This profile was originally published on April 21, 2013
As someone who, in all likelihood, will be selected somewhere from the middle to late in the first round of the NFL Draft, there’s been a high amount of speculation connecting UCLA defensive lineman Datone Jones and the Green Bay Packers.
How exactly Jones would fit into Dom Capers’ 3-4 defensive system is similarly under speculation in the world of social media.
Conjecture ranges from the next coming of J.J. Watt to being woefully underweight at a position where he’ll be asked to hold the point of attack.
Jones weighed in at 283 lbs. at the NFL Combine in February, and it appears as if he’ll hold off on adding any bulk to his body until it becomes official which team selects him and what they expect.
“It depends on where a team needs me to be,” said Jones at the Combine. “I can’t really judge it. My starting point is 284.”
Measuring in at 6-4, Jones possesses a length that’s in short supply on the Green Bay defensive line. No other Packer playing in the trenches is more than 6-3.
Judging from Jones’ frame, he would appear capable of putting on weight, but how much is another matter. And whether he can be an effective player at any weight is similarly up for debate.
One thing is for sure, Jones played well in UCLA’s 3-4 defensive front in 2012, a season in which he made 62 tackles, 19 for a loss and 6.5 sacks. That came just one year after he made 41 tackles, 6.5 for a loss and three sacks.
Among Jones’ best qualities are his flexibility, the type of player that has been used all over over the defensive line.
“I moved around everywhere, from strong-side defensive end to three-tech,” said Jones. “Sometimes you’d see me at nose. I played all across our defensive line.”
Jones credited new UCLA coach Jim Mora for instilling a sense of accountability previously unseen in Westwood for his own personal success as a senior and that of the entire team that won the Pac-12 South title and went 9-5 overall.
Those wanting to see Jones’ ceiling in the NFL can point to Watt who was a similar size to Jones when he weighed in at the Combine in 2011, although slightly bigger at 6-5 and 290 lbs.
Watt has obviously gone onto much success in professional football, being named the league’s Defensive Player of the Year last season in the Houston Texans 3-4 scheme. Watt was selected 11th overall in the first round and has since bulked up only five lbs. to 295.
“A guy like J.J. Watt,” said Jones when asked if there’s an NFL player he patterns himself after. “I feel like the game is changing. There’s more versatile defensive linemen in today’s game.
“You don’t really see every-down defensive linemen now. You see a guy who plays first and second down, then goes and sits down. Then another pass-rush specialist comes in on third down and takes his spot. I want to be a guy who can play every down.”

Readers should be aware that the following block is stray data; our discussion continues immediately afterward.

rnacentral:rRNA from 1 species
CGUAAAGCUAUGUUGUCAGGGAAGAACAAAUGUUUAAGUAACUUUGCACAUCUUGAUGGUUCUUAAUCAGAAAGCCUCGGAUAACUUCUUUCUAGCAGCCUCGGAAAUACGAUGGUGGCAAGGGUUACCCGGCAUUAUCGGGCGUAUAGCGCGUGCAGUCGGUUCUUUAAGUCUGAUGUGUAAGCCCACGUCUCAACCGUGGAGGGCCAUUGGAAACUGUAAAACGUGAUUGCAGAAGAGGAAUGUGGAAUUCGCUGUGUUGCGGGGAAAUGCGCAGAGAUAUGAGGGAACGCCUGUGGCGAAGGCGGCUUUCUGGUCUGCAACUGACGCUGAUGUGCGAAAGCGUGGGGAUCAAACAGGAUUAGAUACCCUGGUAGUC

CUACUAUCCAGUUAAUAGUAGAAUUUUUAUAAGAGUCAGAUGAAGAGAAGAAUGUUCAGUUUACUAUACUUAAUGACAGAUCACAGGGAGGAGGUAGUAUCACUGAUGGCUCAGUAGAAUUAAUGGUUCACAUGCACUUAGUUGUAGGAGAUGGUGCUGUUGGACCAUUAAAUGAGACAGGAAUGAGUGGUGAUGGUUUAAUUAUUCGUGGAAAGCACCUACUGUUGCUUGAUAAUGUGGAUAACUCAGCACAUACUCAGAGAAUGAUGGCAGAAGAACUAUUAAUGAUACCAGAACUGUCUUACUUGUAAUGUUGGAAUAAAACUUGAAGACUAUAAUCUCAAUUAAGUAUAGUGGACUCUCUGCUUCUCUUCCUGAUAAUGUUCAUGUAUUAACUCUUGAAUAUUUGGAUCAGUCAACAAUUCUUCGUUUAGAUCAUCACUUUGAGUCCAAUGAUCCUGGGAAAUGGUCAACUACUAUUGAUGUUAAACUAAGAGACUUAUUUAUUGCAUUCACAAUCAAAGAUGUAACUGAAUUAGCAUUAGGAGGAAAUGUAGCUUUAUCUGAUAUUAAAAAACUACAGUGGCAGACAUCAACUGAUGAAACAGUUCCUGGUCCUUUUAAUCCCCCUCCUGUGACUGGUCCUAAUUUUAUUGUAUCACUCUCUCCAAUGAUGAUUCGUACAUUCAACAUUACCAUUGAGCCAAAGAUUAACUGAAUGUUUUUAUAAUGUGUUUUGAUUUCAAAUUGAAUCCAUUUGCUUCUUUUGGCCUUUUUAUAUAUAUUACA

In terms of pure athletic ability, Watt trumped Jones when it came to the measured drills at the Combine. Jones ran a faster 40-yard dash (4.80 vs. 4.84) but Watt had more bench press reps (34 vs. 29), a higher vertical jump (37 inches vs. 31.5) and horizonal jump (120 inches vs. 112), a faster three-cone drill (6.88 seconds vs. 7.32) and short shuttle (4.21 seconds vs. 4.32).
Another player with similar size to Jones is former Packers and current Chargers defensive lineman Jarius Wynn who’s 6-3 and 285 lbs. For three years in Green Bay, Wynn could never carve out much more than a part-time role as a situational pass rusher. Even then, his contributions were modest at best.
The argument can be made that Jones is better fit as a 4-3 defensive end where he can utilize his quickness off the edge instead of fighting in close quarters. But to Jones’ credit, using his hands to ward off blockers is another strength.
Hand placement is something Jones continues to work on in preparation for the draft, including a move learned from a famous former New York Giant.
“In Michael Strahan’s last game––in the Super Bowl––he did a move,” said Jones. “He called it his ‘Hall of Fame Move.’ It’s where he got his last sack. It was a cross-chop rip.
“You’ve got to get off the ball fast. You’ve got to beat the offensive lineman off the ball, give a nice head fake, get his hands down with the cross chop, then rip and you’re through. I’ve been trying to perfect that. I think that’d be real critical to my game. Hopefully it’ll help me in the future.”
Another positive about Jones is that he has no character or major injury concerns. He suffered a broken foot in 2010 but has since played in 24 games without issue.
In terms of football character, Jones has it in spades.
Asked what a team will be getting if they drafted him, Jones said, “They’re getting a guy who plays with maniacal effort. A guy who wants to be the best, the best guy out there. That’s what they’re getting.
“I don’t care if DeMarcus Ware is on the team or whoever, I want to be the best player. I’m not saying I’m better than those guys, but I want to be the best on the team. A guy who wants to make every play possible. When you talk about NFL football, I want you guys to talk about Datone Jones.”
Brian Carriveau is the author of “It’s Just a Game: Big League Drama in Small Town America,” and editor of Cheesehead TV’s “Pro Football Draft Preview.” To contact Brian, email email@example.com.